ULI’s much anticipated semiannual Real Estate Economic Forecasts in the United States have expanded outside the Americas with an inaugural report for the Asia Pacific region being launched in spring 2021. Globally, the markets showed a marked increase in confidence compared with the previous year, and a meeting of the Capital Markets Forum at the ULI Virtual Europe Conference discussed the “10 trends for 2021” to look out for.
In February, high-level ULI members from across the global finance and investment sector gathered via Zoom at the ULI Virtual Europe Conference to discuss capital flows, real estate market dynamics, and debt and equity markets. The invitation-only gathering, limited to 35 attendees, was held under the Chatham House Rule and not for attribution. ULI Europe Chair Marnix Galle and ULI Europe CEO Lisette van Doorn attended, along with other members of ULI Europe’s leadership team.
To kick off the two-hour discussion, an analysis by Avison Young titled “10 Trends for 2021” was presented. Among the trends raised were an acceleration of deglobalization, shifting from “just in time” to “just in case” deliveries, and more interest in the hyperlocal, also characterized as “love thy neighborhood.” The key takeaways were provided for all members in Urban Land online.
U.S. Real Estate Economic Forecast
Real estate economists predict markedly improved U.S. economic and property market conditions over the next three years, 2021 to 2023, compared with the forecast of six months ago, according to the spring ULI Real Estate Economic Forecast.
This prediction is not surprising given what has transpired since October 2020—the successful development and rollout of multiple COVID-19 vaccines, a partial reopening of the economy, generally strong gross domestic product and job growth reports, and trillions of dollars of stimulus and relief spending. Forecasters predict that the current recovery—which was kicked off by gross domestic product (GDP) rising by a record 33 percent (annualized) in the third quarter of 2020—will remain robust over the next three years. U.S. real estate market conditions and values are also forecast to perform much better than predicted six months ago, although wide differences by property types are expected to persist.
The Real Estate Economic Forecast, produced by the ULI Center for Real Estate Economics and Capital Markets, is based on a survey conducted in May of 42 economists and analysts at 39 leading real estate organizations. The forecast is based on the median responses gathered in the survey, which reflected a wide range of views, both better and worse.
Although the fall 2020 Forecast was notable in its reversal of many of the pessimistic forecasts from spring 2020, the current forecast goes even further, with several forecasts now ahead of long-term averages. Among the 2021–2023 metrics predicted to outpace long-term averages are GDP and employment growth, the unemployment rate, real estate transaction volumes, warehouse and apartment occupancy and rent growth, and single-family housing starts and price appreciation.
Asia Pacific Real Estate Economic Forecast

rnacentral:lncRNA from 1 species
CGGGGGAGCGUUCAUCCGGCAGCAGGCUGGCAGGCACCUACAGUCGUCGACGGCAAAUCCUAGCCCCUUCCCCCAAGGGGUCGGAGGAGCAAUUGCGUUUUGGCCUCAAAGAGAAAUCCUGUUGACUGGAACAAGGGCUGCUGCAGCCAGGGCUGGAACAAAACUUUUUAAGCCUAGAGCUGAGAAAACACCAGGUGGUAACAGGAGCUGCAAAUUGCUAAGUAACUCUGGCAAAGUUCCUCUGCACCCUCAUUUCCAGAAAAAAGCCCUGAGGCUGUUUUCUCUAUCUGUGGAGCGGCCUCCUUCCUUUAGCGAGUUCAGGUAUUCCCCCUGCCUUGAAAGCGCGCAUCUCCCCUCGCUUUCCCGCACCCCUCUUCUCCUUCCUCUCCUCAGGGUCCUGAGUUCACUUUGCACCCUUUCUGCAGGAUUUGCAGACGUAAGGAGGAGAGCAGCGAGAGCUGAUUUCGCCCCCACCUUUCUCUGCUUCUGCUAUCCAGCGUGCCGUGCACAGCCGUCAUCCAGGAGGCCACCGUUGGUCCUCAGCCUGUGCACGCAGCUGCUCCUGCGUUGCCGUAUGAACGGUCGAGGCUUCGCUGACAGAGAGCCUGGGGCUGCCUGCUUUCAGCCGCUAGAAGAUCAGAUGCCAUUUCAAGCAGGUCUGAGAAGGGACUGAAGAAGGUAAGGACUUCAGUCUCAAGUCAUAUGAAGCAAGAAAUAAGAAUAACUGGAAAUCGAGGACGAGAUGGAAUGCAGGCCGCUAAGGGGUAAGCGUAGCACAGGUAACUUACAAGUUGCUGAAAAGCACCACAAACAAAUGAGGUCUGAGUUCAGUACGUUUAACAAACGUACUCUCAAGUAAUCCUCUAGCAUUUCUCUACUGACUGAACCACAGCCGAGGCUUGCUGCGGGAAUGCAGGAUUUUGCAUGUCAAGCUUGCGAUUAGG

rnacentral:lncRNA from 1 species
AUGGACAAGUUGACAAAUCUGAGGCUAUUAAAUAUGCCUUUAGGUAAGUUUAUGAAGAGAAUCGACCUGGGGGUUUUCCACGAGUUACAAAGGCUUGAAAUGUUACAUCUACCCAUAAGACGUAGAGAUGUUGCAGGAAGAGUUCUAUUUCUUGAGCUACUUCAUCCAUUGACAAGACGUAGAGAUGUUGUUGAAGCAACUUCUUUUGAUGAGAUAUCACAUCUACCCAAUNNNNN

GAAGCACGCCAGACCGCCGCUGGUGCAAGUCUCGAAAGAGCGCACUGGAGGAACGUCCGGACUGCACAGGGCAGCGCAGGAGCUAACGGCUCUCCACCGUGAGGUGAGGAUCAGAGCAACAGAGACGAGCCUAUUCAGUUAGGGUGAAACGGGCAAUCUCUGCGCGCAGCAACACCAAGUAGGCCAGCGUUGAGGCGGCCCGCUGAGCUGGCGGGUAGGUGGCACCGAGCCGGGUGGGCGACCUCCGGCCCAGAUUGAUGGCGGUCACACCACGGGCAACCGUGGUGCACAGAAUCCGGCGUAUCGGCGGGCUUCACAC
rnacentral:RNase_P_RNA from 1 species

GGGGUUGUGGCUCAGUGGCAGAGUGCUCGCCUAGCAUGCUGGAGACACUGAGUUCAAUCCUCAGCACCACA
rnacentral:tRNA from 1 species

The Asia Pacific region’s key real estate markets are likely to witness a sustainable and resilient recovery in the next three years, bouncing back from recent weakness triggered by the spread of COVID-19, according to the inaugural ULI Real Estate Economic Forecast report for the region.
China is forecast to lead the pack with 8.75 percent growth in its real GDP in 2021, followed by Singapore (6.1 percent), Hong Kong (4.7 percent), and Japan (3.0 percent). Economies in the region are expected to grow at a slightly slower pace in 2022 and 2023; however, signs of continuing recovery remain as unemployment rates are expected to continue trending downward across the four key markets surveyed—Hong Kong, Shanghai, Singapore, and Tokyo.
Against this upbeat backdrop, real estate in the four cities is likely to experience a rebound as well, with bright spots in the office and logistics spaces. Although office vacancy rates are expected to expand at a slightly slower rate for the next three years, according to an MSCI office index, the office sectors in Singapore and Tokyo are estimated to return 3.59 percent and 3.1 percent, respectively, before accelerating to 8.63 percent and 4.3 percent in 2023. A rapid shift toward e-commerce also continues to support demand for logistics assets, with rental rates estimated to rise 2.75 percent in Hong Kong in 2022, the highest of the four key markets surveyed. The outlook for the retail sector remains downbeat this year, with rental rates projected to decline in Singapore and Shanghai, as well as Hong Kong.
“The latest ULI Real Estate Economic Forecast paints a bright outlook for the key economies and real estate markets in Asia Pacific, signaling the region’s resilience to the challenges posed by the pandemic,” says David Faulkner, president of ULI Asia Pacific. “Even so, pockets of uncertainties remain as recovery would depend on the pace of the reopening of the global economy, as well as the reemergence of the virus, which may lead to another round of lockdowns.”
The forecast’s findings are based on a survey of economists and analysts at eight leading real estate and investment organizations: Aberdeen Standard Investments, AEW, Cushman and Wakefield, Heitman, JLL, Morgan Stanley, Nuveen Real Estate, and Phoenix Property Investors. It is also based on historic data provided by JLL, MSCI, and Oxford Economics. The report takes a deep dive into the three-year forecast for key economic and real estate data points for the Asia Pacific’s four major markets.
Take a deep dive into the regional Real Estate Economic Forecasts by downloading the reports or watching the webinars on Knowledge Finder.